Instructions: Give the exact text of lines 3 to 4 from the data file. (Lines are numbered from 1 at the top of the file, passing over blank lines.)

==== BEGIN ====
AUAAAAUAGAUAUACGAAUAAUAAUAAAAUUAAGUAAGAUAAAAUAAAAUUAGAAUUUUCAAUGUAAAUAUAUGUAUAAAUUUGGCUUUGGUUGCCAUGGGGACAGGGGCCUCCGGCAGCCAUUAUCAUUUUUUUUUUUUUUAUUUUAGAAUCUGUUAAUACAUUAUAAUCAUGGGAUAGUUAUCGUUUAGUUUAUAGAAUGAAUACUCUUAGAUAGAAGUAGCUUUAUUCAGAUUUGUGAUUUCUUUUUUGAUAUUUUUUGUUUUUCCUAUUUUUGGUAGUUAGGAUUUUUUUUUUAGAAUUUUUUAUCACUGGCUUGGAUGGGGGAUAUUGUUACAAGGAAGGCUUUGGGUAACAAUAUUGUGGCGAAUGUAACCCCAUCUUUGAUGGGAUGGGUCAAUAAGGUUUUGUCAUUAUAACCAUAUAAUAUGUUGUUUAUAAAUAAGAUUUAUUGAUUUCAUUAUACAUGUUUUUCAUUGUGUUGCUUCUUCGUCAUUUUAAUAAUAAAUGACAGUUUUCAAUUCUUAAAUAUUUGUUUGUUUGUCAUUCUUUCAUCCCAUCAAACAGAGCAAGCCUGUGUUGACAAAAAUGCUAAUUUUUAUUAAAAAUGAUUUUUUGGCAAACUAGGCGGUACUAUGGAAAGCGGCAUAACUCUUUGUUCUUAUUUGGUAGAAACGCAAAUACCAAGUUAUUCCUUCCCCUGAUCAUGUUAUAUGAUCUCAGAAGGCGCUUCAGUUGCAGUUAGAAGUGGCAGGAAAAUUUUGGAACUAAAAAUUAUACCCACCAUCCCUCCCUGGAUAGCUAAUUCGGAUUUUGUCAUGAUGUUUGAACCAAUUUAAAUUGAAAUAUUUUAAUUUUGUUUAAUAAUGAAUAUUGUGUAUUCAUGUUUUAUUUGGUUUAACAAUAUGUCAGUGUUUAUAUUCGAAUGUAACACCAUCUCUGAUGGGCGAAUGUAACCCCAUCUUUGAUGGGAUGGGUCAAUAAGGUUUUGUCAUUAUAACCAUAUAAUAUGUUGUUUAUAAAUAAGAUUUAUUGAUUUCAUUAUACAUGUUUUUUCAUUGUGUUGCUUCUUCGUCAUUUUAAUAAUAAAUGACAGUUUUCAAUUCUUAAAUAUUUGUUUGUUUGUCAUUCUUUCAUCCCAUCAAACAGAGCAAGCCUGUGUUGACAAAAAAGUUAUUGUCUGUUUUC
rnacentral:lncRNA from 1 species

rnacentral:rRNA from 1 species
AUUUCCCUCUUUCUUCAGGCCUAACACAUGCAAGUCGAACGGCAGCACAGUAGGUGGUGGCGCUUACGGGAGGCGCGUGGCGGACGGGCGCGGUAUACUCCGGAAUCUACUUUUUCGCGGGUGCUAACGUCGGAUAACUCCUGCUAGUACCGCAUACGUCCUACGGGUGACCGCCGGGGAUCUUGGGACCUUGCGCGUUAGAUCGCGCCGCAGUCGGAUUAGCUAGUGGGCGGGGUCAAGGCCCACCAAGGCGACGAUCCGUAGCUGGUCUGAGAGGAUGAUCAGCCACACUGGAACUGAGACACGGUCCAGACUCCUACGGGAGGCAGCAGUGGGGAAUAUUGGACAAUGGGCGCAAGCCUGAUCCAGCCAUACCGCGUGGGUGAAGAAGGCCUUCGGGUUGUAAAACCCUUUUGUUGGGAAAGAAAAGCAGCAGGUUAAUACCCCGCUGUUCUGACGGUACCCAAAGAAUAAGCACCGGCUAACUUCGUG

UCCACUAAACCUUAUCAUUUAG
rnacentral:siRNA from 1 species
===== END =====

rnacentral:rRNA from 1 species
AUUUCCCUCUUUCUUCAGGCCUAACACAUGCAAGUCGAACGGCAGCACAGUAGGUGGUGGCGCUUACGGGAGGCGCGUGGCGGACGGGCGCGGUAUACUCCGGAAUCUACUUUUUCGCGGGUGCUAACGUCGGAUAACUCCUGCUAGUACCGCAUACGUCCUACGGGUGACCGCCGGGGAUCUUGGGACCUUGCGCGUUAGAUCGCGCCGCAGUCGGAUUAGCUAGUGGGCGGGGUCAAGGCCCACCAAGGCGACGAUCCGUAGCUGGUCUGAGAGGAUGAUCAGCCACACUGGAACUGAGACACGGUCCAGACUCCUACGGGAGGCAGCAGUGGGGAAUAUUGGACAAUGGGCGCAAGCCUGAUCCAGCCAUACCGCGUGGGUGAAGAAGGCCUUCGGGUUGUAAAACCCUUUUGUUGGGAAAGAAAAGCAGCAGGUUAAUACCCCGCUGUUCUGACGGUACCCAAAGAAUAAGCACCGGCUAACUUCGUG